This magical time of Spring is also described by Thomas Wolfe in the short story “The Train And The City”:

“Spring came that year like magic and like music and like song. One day its breath was in the air, a haunting premonition of its spirit filled the hearts of men with its transforming loveliness, wreaking its sudden and incredible sorcery upon gray streets, gray pavements, and on gray faceless tides of manswarm ciphers. It came like music faint and far, it came with triumph and a sound of singing in the air, with lutings of sweet bird-cries at the break of day and the high swift passing of a wing, and one day it was there upon the city streets with a strange and sudden cry of green, its sharp knife of wordless joy and pain.”

Here it is given a number of qualities and is compared to “magic”, “music” and “song” which moves in against the gray landscape of winter.

(b) Summer

Summer has been symbolized as a child or a woman wearing a crown of corn ears and bearing a sheaf in one hand and a sickle in the other. The symbolic animal of summer is a lion or a dragon and the zodical signs are Cancer, Leo and Virgo.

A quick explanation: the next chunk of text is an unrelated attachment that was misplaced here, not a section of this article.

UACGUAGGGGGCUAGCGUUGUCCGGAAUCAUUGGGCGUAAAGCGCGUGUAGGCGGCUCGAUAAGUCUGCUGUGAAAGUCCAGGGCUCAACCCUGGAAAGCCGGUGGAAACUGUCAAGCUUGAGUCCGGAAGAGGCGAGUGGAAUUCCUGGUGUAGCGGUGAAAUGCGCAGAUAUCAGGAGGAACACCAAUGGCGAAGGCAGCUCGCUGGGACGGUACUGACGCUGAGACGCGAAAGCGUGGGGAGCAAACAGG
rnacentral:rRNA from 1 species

The summer is the time of romance and infinte potential. The color of summer is yellow and temperatures move from mild to warm. If Spring is the time of birth, then summer is the time of youth where one moves through the world with godlike ease and comfort. Summer is the background for Mark Twaine’s Huck Finn and Tom Sawyer stories, for it is in the summer that young boys escape from the civilizing influences of school and are free to explore. It is also the season of vacations and holidays when man travels away from the cities and back into nature.

(c) Autumn

Autumn is symbolized as a woman carrying bunches of grapes and a basket full of fruit. The symbolic animal of autumn is the hare and the zodical signs are Libra, Scorpio and Sagittarius.

With the coming of autumn, the days grow shorter and the nights longer and the temperatures move from warm to cool. The colors of orange and red represent the changing, brilliant colors of autumn foilage. If summer is the period of youth in one’s life, then autumn is the adult period. As Northrop Frye notes, autumn is associated with mortality and melancholy. A retreat is started from the wild wanderings in open natural space to inside, enclosed man-made spaces.

(d) Winter

Common symbols for Winter are a child wrapped in a cloak, an old man with white frosty hair, holding a sickle, or with leafless trees. The animal symbolizing winter is the salamander and the zodiacal signs are Capricorn, Aquarius and Pisces.